Somehow he passed on that enthusiasm to every boy in his Patrol. The whole gang worked together. Whenever Pete said, “Let’s go!” everyone was behind him.
Representing Your Patrol
At the Troop Leader’s Council you represent your Patrol, and are responsible for your Patrol to that Council. It is here, meeting with your Scoutmaster and the other leaders that plans for the Troop life as a whole are made, Troop problems considered. Here you will get guidance and help in conducting your Patrol affairs and from here bring over to your boys who are not present, the spirit of these leaders’ meetings, your Scoutmaster’s ideal and wishes for the Troop, of which your Patrol is an active and loyal unit.
Believe it or not, there are a few PLs still around who like to play the “Big Boss.” You may gave net one of them. He is the fellow who plans all the meetings himself, collects dues, writes the diary, takes care of the equipment, and believes he is pretty nearly perfect. You’ll soon discover that running a Patrol is not a one-man proposition. You won’t get far if you try to do everything yourself. But it is not only for the Patrol’s sake and your own that you need to share your leadership. By giving each boy an opportunity to do something in the Patrol, you give all of your fellows a chance to grow in leadership and all-round ability-and that’s one of the things we want to accomplish through Scouting.
Handling Your Boys
Now when you look over the way a PL handles his boys, you’ll discover that he follows a few simple rules that will work in your Patrol too:
· Be patient and understanding.
· Keep the boys busy with things that interest them.
· Make them responsible for specific things to do for the Patrol.
Time and time again you’ll get impatient in your Patrol job. Things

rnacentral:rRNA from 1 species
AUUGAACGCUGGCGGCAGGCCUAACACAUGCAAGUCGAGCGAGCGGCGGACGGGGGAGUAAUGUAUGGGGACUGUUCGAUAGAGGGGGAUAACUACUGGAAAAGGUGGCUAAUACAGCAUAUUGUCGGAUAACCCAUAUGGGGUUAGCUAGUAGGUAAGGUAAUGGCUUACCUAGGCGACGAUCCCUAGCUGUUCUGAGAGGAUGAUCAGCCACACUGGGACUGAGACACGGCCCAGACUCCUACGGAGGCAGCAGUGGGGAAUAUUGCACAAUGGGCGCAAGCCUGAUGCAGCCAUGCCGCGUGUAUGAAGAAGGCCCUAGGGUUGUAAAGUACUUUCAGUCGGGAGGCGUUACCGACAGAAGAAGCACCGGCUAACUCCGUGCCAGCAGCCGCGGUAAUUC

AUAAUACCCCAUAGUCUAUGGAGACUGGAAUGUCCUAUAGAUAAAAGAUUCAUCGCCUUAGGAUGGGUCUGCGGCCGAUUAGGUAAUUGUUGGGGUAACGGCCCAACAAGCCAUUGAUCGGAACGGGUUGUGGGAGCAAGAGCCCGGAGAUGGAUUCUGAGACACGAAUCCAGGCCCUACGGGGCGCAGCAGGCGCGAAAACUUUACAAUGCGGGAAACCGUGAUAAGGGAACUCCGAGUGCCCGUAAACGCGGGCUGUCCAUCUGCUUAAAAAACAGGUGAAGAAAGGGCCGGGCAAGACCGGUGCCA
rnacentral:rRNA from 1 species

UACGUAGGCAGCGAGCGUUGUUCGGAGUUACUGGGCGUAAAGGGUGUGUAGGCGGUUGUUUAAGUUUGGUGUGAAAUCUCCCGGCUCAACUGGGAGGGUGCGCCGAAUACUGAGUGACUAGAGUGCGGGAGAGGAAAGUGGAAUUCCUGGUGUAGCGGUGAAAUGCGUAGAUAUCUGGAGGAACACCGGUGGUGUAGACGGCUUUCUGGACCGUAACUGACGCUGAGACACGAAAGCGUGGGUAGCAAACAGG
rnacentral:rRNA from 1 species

don’t move fast enough to suit you! Things aren’t going right!
Well, you won’t get anywhere by pushing or by scolding. That will
only put the boys on the defensive and do the opposite of what you wish
to accomplish. “Slowly, slowly, catchee monkey!” , was one
of Baden-Powell’s slogans. Take it easy, and you’ll eventually have
everyone cooperating to the best of his ability. Cooperation-working
together, everyone doing his part. That’s the thing to aim for in
What is Patrol Spirit?
Patrol Spirit isn’t a thing your will find defined and analyzed in dictionaries and encyclopedias. It isn’t a thing that can be confined to the pages of a book. Patrol Spirit is a little like personality, something to be felt rather than defined. It is what makes a Scout say to another boy, “Sorry, but I can’t go the movies with you tonight. It’s Patrol meeting night.” When two Scouts get their heads together to think out some way by which Bill, who hasn’t much spare pocket money, can earn his camp fee so that the Patrol can go to camp full force, it is Patrol Spirit that is operating.
How Patrol Spirit Grows
Without Patrol Spirit a Patrol is just a bunch of boys, who happen to be together at the moment, a group that may fall apart the instant the passing interest subsides. With Patrol Spirit, the thing coheres, grows, counts-in the life of the Troop and the community as well as to its members. Don’t be discouraged if PS doesn’t sprint up like a mushroom, over-night, in the group. It isn’t a thing to be manufactured to order. Many small details go into the building up of a genuine Patrol Spirit. The PL will try to see that none of them is overlooked.
Believe in Your Patrol
We have spoken already of the importance of a PL’s own attitude for the beginning. If he believes with all his might that the Patrol can and will grow into the best Patrol in the Troop or even the community, the chances are it will. If you have the courage to stand up in front of your Patrol the very first meeting and put it up to your fellows, fair and square, what you expect of them and yourself, make a thundering speech that will serve to put them on their mettle, all set to live up to your hopes and determination for success, so much the better.